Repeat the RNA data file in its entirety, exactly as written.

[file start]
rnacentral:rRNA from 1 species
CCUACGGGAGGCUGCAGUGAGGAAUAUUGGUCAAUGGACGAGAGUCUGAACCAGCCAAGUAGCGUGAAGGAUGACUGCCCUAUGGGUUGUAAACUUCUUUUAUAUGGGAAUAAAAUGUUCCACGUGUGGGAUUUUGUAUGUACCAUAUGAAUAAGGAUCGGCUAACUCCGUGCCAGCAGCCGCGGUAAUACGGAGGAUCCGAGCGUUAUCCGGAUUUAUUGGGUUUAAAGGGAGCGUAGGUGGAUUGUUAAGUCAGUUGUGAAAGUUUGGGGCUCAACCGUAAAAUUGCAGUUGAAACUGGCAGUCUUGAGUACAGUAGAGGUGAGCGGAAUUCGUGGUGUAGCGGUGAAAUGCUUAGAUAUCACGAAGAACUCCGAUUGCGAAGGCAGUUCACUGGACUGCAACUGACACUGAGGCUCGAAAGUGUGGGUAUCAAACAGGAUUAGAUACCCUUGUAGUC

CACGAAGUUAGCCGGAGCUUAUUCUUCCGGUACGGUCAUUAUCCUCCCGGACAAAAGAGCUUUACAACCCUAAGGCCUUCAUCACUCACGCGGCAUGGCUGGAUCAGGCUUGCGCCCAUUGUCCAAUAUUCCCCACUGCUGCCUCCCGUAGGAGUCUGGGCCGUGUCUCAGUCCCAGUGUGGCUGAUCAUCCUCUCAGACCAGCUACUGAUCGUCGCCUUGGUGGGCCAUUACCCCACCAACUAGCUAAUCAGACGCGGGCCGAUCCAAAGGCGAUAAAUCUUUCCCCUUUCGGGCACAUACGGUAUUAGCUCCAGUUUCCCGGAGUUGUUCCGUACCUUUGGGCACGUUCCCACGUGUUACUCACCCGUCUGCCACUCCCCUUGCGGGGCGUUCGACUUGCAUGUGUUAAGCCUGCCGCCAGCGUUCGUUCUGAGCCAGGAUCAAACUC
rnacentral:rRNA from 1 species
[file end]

rnacentral:rRNA from 1 species
CCUACGGGAGGCUGCAGUGAGGAAUAUUGGUCAAUGGACGAGAGUCUGAACCAGCCAAGUAGCGUGAAGGAUGACUGCCCUAUGGGUUGUAAACUUCUUUUAUAUGGGAAUAAAAUGUUCCACGUGUGGGAUUUUGUAUGUACCAUAUGAAUAAGGAUCGGCUAACUCCGUGCCAGCAGCCGCGGUAAUACGGAGGAUCCGAGCGUUAUCCGGAUUUAUUGGGUUUAAAGGGAGCGUAGGUGGAUUGUUAAGUCAGUUGUGAAAGUUUGGGGCUCAACCGUAAAAUUGCAGUUGAAACUGGCAGUCUUGAGUACAGUAGAGGUGAGCGGAAUUCGUGGUGUAGCGGUGAAAUGCUUAGAUAUCACGAAGAACUCCGAUUGCGAAGGCAGUUCACUGGACUGCAACUGACACUGAGGCUCGAAAGUGUGGGUAUCAAACAGGAUUAGAUACCCUUGUAGUC

CACGAAGUUAGCCGGAGCUUAUUCUUCCGGUACGGUCAUUAUCCUCCCGGACAAAAGAGCUUUACAACCCUAAGGCCUUCAUCACUCACGCGGCAUGGCUGGAUCAGGCUUGCGCCCAUUGUCCAAUAUUCCCCACUGCUGCCUCCCGUAGGAGUCUGGGCCGUGUCUCAGUCCCAGUGUGGCUGAUCAUCCUCUCAGACCAGCUACUGAUCGUCGCCUUGGUGGGCCAUUACCCCACCAACUAGCUAAUCAGACGCGGGCCGAUCCAAAGGCGAUAAAUCUUUCCCCUUUCGGGCACAUACGGUAUUAGCUCCAGUUUCCCGGAGUUGUUCCGUACCUUUGGGCACGUUCCCACGUGUUACUCACCCGUCUGCCACUCCCCUUGCGGGGCGUUCGACUUGCAUGUGUUAAGCCUGCCGCCAGCGUUCGUUCUGAGCCAGGAUCAAACUC
rnacentral:rRNA from 1 species